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Sex workers push back on Super Bowl trafficking narrative

Advocates for the sex industry want law enforcement to turn the other way at “consensual sex work,” calling for its decriminalization.
Naoka Foreman
Naoka Foreman

“My body, my business. My body, my business,” sex worker advocates chanted as they rallied outside in the rain near Allegiant Stadium during the Opening Night of Super Bowl events in Las Vegas this week to protest sex trafficking stings. 

The Monday demonstration came after law enforcement carried out a sting operation focused on sex trafficking during the Formula One race weekend in November, which led to the arrests of mainly locals: 36 for pandering, 31 for trying to purchase sex for money and seven for soliciting a minor or trying to meet with someone underage for sex. 

Fox 5 reported that vice detectives identified 215 people believed to be victims of sex trafficking, including five minors, that weekend.

But the advocates want to push back against public statements from anti-trafficking groups that suggest events such as the Super Bowl contribute to higher rates of sex trafficking. They point to research that concluded there was “no empirical evidence that the demand for paid sex increases dramatically during international sporting events,” and argue that a mistaken belief that forced prostitution spikes around the game can create a false premise for widespread prostitution crackdowns that can have life-altering consequences for workers selling consensual — if illegal — sex.

At an intersection steps away from the stadium, the roughly 20 people participating held red umbrellas — a nod at the name of their organization, the Las Vegas Red Umbrella Collective — as police stood nearby. Organizers said they want leaders to address human trafficking by focusing on tactics that would avoid criminalizing “consensual sex workers.”

In Nevada, prostitution is illegal in counties with more than 700,000 residents — such as in Clark County, which includes Las Vegas. It is also illegal in Washoe County, which includes Reno, and in some smaller counties that can decide its legality. In the 10 counties where it is legal, it is only permitted inside of a licensed brothel.

Despite prostitution being mostly illegal in Nevada, advocates say sting operations often lead to the arrest of victims and people trying to survive or support a family. 

“The laws that criminalize prostitution … end up being the basis that people, mostly women, are discriminated against in housing, access to employment, access to their child custody rights, access to financial institutions,” said 35-year “working prostitute” Maxine Doogan. “So that prostitution arrest can be like a social death.” 

Brittany Andrews, 50, who has worked in the sex industry for more than three decades, said the unlawful activity should not be treated similarly to human trafficking. 

“Quite often … they get human trafficking, sex trafficking, child trafficking, they get all those different things convoluted,” Andrews said. “There are very distinctly different groups that are going on, with all those different words, lexicon that's being used.”

The Las Vegas Metropolitan Police Department is planning to carry out a vice strategy, in conjunction with the NFL, during Super Bowl 58 similar to one used during the F1 race weekend to identify victims of sex trafficking, Fox 5 reported in November.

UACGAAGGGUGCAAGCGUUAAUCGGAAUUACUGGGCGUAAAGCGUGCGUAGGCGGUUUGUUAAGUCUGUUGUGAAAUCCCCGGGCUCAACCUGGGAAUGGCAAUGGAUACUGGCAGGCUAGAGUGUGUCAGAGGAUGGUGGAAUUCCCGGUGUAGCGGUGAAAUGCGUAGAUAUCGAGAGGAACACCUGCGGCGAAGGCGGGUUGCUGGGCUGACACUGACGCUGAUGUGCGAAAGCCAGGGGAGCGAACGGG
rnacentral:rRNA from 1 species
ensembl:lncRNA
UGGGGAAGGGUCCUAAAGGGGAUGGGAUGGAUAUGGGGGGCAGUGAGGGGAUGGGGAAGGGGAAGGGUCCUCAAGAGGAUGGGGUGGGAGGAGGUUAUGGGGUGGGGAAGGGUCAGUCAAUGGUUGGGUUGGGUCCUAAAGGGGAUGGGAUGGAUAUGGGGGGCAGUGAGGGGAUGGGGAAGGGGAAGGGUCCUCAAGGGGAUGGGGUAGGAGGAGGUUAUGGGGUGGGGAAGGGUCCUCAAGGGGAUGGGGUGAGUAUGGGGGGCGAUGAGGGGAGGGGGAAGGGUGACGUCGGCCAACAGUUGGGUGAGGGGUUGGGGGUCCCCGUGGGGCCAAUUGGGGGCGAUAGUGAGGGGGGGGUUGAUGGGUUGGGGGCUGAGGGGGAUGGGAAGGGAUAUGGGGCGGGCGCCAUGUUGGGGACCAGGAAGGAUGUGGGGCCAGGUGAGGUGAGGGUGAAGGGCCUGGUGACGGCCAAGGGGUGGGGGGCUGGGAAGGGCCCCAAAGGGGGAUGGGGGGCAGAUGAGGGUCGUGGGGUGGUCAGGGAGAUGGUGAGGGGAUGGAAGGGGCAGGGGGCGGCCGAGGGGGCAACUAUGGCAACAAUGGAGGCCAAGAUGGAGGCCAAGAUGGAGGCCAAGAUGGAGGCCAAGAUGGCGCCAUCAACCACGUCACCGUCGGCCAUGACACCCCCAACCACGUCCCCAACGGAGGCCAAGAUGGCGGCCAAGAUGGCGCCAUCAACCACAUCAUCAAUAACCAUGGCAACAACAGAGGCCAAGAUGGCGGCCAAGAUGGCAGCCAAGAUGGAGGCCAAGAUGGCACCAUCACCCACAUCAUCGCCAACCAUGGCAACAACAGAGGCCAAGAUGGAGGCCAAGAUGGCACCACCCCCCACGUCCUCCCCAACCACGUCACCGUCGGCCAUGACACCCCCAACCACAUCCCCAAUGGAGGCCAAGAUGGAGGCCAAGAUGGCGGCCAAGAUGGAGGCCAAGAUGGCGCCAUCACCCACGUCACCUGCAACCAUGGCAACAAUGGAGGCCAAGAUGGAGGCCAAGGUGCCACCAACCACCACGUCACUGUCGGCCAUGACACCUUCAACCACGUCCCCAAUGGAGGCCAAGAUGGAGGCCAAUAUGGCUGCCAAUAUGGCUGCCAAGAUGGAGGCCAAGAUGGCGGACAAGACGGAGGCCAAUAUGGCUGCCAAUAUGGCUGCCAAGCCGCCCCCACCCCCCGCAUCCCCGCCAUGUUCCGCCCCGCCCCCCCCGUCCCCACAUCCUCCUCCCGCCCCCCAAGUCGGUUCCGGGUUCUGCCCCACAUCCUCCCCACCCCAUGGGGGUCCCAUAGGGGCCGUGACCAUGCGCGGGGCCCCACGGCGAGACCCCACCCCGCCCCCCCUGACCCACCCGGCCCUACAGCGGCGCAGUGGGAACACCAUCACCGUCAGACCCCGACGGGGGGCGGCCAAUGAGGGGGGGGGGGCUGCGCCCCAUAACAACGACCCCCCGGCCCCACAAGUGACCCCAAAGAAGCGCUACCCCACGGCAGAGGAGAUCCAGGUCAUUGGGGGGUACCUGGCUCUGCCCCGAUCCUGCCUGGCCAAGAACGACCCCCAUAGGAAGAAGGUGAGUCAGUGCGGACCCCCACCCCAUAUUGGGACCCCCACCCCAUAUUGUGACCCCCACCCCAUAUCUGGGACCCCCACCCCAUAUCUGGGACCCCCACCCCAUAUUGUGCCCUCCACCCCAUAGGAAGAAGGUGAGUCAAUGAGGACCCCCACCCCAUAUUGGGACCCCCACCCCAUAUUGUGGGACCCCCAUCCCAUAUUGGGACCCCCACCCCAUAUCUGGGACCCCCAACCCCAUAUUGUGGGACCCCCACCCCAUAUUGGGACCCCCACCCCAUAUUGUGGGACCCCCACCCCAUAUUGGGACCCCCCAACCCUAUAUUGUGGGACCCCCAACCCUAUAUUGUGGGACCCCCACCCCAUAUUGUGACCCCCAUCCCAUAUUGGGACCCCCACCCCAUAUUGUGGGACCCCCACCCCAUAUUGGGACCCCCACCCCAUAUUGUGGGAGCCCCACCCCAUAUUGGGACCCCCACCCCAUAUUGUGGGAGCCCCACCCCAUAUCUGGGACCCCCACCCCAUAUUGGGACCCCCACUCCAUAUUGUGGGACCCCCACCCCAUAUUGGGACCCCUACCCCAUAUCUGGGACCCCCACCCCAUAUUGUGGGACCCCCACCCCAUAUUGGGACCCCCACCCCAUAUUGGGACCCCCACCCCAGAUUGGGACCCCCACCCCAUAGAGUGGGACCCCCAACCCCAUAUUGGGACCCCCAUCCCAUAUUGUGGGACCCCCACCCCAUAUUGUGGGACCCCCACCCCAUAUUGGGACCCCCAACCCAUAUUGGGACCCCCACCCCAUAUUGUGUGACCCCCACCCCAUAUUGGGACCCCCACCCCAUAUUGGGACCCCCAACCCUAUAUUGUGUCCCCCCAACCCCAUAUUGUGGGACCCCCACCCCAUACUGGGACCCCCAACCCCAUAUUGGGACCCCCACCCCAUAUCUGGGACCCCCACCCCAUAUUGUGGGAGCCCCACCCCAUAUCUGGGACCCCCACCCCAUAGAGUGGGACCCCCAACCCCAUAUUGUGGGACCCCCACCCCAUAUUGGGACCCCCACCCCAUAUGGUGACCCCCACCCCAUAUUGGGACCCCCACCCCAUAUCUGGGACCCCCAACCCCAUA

Casino resorts have also teamed up with the England-based It’s a Penalty organization on an awareness campaign to educate the public on how to spot the signs of human trafficking and ways to report it. The group, which times its campaigns around major sporting events, includes a 30-second film featuring Raiders players, photos of victims of trafficking and the team’s president that will be shown on certain flights and mobile billboards

In 2021, the National Human Trafficking Hotline received 571 tips from Nevada about human trafficking, making up 1 percent of the 51,000 reports that year in the U.S. However, the hotline itself isn't claiming to have definitive statistics on the scope of the problem.

Metro did not grant an interview to The Nevada Independent for this story and deferred to a website for information.

Ethics and protections

LVMPD Assistant Sheriff Sasha Larkin told Clark County commissioners during a Dec. 19 meeting that she and David McCain, head of NFL security for the week of Super Bowl festivities, took a little over two years to devise a security and safety plan, creating 36 working groups. 

Las Vegas Metro lieutenants or managers will lead working groups, which include areas of focus such as civil unrest, cybersecurity, human trafficking, mass casualty incidents, the Family Assistance Center and unmanned aerial systems, and report to a deputy chief. 

McCain told commissioners that the security measures being used by the NFL are focused on promoting ethics and morals to “safeguard people’s lives.”

“With Super Bowl being here in Nevada, we form partnerships with local law enforcement to uphold the highest regard — that's protecting the lives and citizens of Nevada and the county, but also our fans and staff who are in attendance,” he said. “So when protecting the brand … we also want to protect your brand.”


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